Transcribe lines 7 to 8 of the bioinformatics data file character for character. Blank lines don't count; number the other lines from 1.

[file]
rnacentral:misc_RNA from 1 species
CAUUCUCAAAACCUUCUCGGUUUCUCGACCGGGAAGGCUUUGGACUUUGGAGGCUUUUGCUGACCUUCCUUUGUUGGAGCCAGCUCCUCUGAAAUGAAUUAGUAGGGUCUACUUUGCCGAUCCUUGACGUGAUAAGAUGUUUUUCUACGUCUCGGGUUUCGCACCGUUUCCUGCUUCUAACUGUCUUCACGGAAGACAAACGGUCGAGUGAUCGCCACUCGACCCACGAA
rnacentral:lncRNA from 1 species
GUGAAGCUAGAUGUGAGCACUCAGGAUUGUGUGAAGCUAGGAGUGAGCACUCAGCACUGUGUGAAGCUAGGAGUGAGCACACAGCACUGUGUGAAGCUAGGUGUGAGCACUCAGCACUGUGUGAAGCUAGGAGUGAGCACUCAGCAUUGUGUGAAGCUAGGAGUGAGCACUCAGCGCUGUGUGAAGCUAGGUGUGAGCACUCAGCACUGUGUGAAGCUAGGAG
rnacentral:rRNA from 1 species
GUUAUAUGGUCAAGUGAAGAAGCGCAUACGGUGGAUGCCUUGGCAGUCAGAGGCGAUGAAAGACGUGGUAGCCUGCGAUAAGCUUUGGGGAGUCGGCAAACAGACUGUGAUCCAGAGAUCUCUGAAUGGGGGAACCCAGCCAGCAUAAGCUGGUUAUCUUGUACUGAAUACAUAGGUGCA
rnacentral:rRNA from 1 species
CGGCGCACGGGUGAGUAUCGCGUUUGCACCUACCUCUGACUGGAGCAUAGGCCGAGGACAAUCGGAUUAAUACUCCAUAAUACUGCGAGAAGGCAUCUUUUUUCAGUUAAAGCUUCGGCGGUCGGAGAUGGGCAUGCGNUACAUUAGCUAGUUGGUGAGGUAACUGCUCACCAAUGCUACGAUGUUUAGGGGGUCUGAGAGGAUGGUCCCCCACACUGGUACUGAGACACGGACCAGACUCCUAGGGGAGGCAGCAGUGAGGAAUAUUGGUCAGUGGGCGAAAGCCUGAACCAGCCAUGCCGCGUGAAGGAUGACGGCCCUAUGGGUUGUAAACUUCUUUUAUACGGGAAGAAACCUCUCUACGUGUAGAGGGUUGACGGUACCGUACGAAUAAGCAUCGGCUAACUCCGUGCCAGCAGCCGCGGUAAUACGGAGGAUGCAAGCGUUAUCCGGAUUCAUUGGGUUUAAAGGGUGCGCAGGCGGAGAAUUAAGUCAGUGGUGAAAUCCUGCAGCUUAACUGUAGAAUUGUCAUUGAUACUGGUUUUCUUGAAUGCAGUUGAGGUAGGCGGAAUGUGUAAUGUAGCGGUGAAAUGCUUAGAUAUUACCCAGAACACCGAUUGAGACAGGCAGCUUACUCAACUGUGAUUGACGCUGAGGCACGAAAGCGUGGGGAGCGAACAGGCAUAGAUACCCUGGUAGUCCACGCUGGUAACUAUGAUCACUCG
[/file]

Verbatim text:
rnacentral:rRNA from 1 species
CGGCGCACGGGUGAGUAUCGCGUUUGCACCUACCUCUGACUGGAGCAUAGGCCGAGGACAAUCGGAUUAAUACUCCAUAAUACUGCGAGAAGGCAUCUUUUUUCAGUUAAAGCUUCGGCGGUCGGAGAUGGGCAUGCGNUACAUUAGCUAGUUGGUGAGGUAACUGCUCACCAAUGCUACGAUGUUUAGGGGGUCUGAGAGGAUGGUCCCCCACACUGGUACUGAGACACGGACCAGACUCCUAGGGGAGGCAGCAGUGAGGAAUAUUGGUCAGUGGGCGAAAGCCUGAACCAGCCAUGCCGCGUGAAGGAUGACGGCCCUAUGGGUUGUAAACUUCUUUUAUACGGGAAGAAACCUCUCUACGUGUAGAGGGUUGACGGUACCGUACGAAUAAGCAUCGGCUAACUCCGUGCCAGCAGCCGCGGUAAUACGGAGGAUGCAAGCGUUAUCCGGAUUCAUUGGGUUUAAAGGGUGCGCAGGCGGAGAAUUAAGUCAGUGGUGAAAUCCUGCAGCUUAACUGUAGAAUUGUCAUUGAUACUGGUUUUCUUGAAUGCAGUUGAGGUAGGCGGAAUGUGUAAUGUAGCGGUGAAAUGCUUAGAUAUUACCCAGAACACCGAUUGAGACAGGCAGCUUACUCAACUGUGAUUGACGCUGAGGCACGAAAGCGUGGGGAGCGAACAGGCAUAGAUACCCUGGUAGUCCACGCUGGUAACUAUGAUCACUCG